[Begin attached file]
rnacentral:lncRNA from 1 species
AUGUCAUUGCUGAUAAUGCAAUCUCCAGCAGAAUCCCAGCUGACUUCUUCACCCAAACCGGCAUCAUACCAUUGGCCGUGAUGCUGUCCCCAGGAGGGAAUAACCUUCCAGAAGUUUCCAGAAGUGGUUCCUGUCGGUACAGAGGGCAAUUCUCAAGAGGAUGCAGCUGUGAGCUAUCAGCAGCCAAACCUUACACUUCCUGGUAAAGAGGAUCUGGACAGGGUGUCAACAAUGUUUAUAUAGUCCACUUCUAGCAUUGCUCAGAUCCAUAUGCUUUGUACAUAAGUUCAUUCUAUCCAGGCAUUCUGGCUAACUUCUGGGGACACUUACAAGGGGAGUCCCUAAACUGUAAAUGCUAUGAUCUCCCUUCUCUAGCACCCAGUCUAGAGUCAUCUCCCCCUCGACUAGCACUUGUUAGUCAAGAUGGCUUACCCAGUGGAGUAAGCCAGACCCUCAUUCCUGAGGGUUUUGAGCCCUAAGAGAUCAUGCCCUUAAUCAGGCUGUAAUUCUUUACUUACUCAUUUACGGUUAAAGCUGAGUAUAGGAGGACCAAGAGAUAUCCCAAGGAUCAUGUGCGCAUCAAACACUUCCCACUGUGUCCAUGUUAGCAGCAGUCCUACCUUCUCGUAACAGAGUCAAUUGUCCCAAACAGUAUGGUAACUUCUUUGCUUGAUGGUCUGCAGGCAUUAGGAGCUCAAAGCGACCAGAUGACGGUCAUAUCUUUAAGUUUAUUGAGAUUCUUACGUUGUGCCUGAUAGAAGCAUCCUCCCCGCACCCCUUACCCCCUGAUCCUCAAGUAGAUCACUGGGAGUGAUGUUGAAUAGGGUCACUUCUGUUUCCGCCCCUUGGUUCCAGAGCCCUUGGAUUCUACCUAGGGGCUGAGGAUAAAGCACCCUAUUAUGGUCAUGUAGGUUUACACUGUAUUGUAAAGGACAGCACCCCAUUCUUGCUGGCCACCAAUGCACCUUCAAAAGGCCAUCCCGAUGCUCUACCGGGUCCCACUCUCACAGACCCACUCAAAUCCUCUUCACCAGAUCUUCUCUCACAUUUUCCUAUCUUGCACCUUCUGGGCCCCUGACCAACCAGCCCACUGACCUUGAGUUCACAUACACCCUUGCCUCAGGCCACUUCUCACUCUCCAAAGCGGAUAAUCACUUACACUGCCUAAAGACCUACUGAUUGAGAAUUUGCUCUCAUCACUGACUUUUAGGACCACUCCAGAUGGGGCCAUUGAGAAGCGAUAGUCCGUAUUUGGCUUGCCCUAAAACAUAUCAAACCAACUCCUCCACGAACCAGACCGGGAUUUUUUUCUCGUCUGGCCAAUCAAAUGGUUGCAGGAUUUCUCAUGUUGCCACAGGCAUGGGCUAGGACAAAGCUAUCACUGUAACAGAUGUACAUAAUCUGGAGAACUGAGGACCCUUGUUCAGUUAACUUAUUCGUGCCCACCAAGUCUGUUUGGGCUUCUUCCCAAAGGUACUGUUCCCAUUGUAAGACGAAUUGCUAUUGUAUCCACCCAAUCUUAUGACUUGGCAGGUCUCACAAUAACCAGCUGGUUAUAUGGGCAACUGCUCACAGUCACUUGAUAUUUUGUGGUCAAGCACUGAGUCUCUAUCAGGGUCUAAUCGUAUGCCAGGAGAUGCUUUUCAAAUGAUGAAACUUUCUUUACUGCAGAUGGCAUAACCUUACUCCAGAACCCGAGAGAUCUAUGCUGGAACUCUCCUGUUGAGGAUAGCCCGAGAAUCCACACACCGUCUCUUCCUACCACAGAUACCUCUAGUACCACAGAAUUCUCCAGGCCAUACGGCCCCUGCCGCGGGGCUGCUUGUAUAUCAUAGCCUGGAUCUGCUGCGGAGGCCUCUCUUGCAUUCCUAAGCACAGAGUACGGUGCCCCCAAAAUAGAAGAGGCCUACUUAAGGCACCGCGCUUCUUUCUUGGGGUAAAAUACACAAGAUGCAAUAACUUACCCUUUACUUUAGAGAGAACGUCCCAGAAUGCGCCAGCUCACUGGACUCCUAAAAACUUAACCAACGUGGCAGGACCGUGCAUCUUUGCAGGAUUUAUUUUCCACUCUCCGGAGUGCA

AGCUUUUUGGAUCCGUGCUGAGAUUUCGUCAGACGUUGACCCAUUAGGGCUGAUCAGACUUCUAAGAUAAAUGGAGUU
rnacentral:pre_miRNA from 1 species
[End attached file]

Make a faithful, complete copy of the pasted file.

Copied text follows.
rnacentral:lncRNA from 1 species
AUGUCAUUGCUGAUAAUGCAAUCUCCAGCAGAAUCCCAGCUGACUUCUUCACCCAAACCGGCAUCAUACCAUUGGCCGUGAUGCUGUCCCCAGGAGGGAAUAACCUUCCAGAAGUUUCCAGAAGUGGUUCCUGUCGGUACAGAGGGCAAUUCUCAAGAGGAUGCAGCUGUGAGCUAUCAGCAGCCAAACCUUACACUUCCUGGUAAAGAGGAUCUGGACAGGGUGUCAACAAUGUUUAUAUAGUCCACUUCUAGCAUUGCUCAGAUCCAUAUGCUUUGUACAUAAGUUCAUUCUAUCCAGGCAUUCUGGCUAACUUCUGGGGACACUUACAAGGGGAGUCCCUAAACUGUAAAUGCUAUGAUCUCCCUUCUCUAGCACCCAGUCUAGAGUCAUCUCCCCCUCGACUAGCACUUGUUAGUCAAGAUGGCUUACCCAGUGGAGUAAGCCAGACCCUCAUUCCUGAGGGUUUUGAGCCCUAAGAGAUCAUGCCCUUAAUCAGGCUGUAAUUCUUUACUUACUCAUUUACGGUUAAAGCUGAGUAUAGGAGGACCAAGAGAUAUCCCAAGGAUCAUGUGCGCAUCAAACACUUCCCACUGUGUCCAUGUUAGCAGCAGUCCUACCUUCUCGUAACAGAGUCAAUUGUCCCAAACAGUAUGGUAACUUCUUUGCUUGAUGGUCUGCAGGCAUUAGGAGCUCAAAGCGACCAGAUGACGGUCAUAUCUUUAAGUUUAUUGAGAUUCUUACGUUGUGCCUGAUAGAAGCAUCCUCCCCGCACCCCUUACCCCCUGAUCCUCAAGUAGAUCACUGGGAGUGAUGUUGAAUAGGGUCACUUCUGUUUCCGCCCCUUGGUUCCAGAGCCCUUGGAUUCUACCUAGGGGCUGAGGAUAAAGCACCCUAUUAUGGUCAUGUAGGUUUACACUGUAUUGUAAAGGACAGCACCCCAUUCUUGCUGGCCACCAAUGCACCUUCAAAAGGCCAUCCCGAUGCUCUACCGGGUCCCACUCUCACAGACCCACUCAAAUCCUCUUCACCAGAUCUUCUCUCACAUUUUCCUAUCUUGCACCUUCUGGGCCCCUGACCAACCAGCCCACUGACCUUGAGUUCACAUACACCCUUGCCUCAGGCCACUUCUCACUCUCCAAAGCGGAUAAUCACUUACACUGCCUAAAGACCUACUGAUUGAGAAUUUGCUCUCAUCACUGACUUUUAGGACCACUCCAGAUGGGGCCAUUGAGAAGCGAUAGUCCGUAUUUGGCUUGCCCUAAAACAUAUCAAACCAACUCCUCCACGAACCAGACCGGGAUUUUUUUCUCGUCUGGCCAAUCAAAUGGUUGCAGGAUUUCUCAUGUUGCCACAGGCAUGGGCUAGGACAAAGCUAUCACUGUAACAGAUGUACAUAAUCUGGAGAACUGAGGACCCUUGUUCAGUUAACUUAUUCGUGCCCACCAAGUCUGUUUGGGCUUCUUCCCAAAGGUACUGUUCCCAUUGUAAGACGAAUUGCUAUUGUAUCCACCCAAUCUUAUGACUUGGCAGGUCUCACAAUAACCAGCUGGUUAUAUGGGCAACUGCUCACAGUCACUUGAUAUUUUGUGGUCAAGCACUGAGUCUCUAUCAGGGUCUAAUCGUAUGCCAGGAGAUGCUUUUCAAAUGAUGAAACUUUCUUUACUGCAGAUGGCAUAACCUUACUCCAGAACCCGAGAGAUCUAUGCUGGAACUCUCCUGUUGAGGAUAGCCCGAGAAUCCACACACCGUCUCUUCCUACCACAGAUACCUCUAGUACCACAGAAUUCUCCAGGCCAUACGGCCCCUGCCGCGGGGCUGCUUGUAUAUCAUAGCCUGGAUCUGCUGCGGAGGCCUCUCUUGCAUUCCUAAGCACAGAGUACGGUGCCCCCAAAAUAGAAGAGGCCUACUUAAGGCACCGCGCUUCUUUCUUGGGGUAAAAUACACAAGAUGCAAUAACUUACCCUUUACUUUAGAGAGAACGUCCCAGAAUGCGCCAGCUCACUGGACUCCUAAAAACUUAACCAACGUGGCAGGACCGUGCAUCUUUGCAGGAUUUAUUUUCCACUCUCCGGAGUGCA

AGCUUUUUGGAUCCGUGCUGAGAUUUCGUCAGACGUUGACCCAUUAGGGCUGAUCAGACUUCUAAGAUAAAUGGAGUU
rnacentral:pre_miRNA from 1 species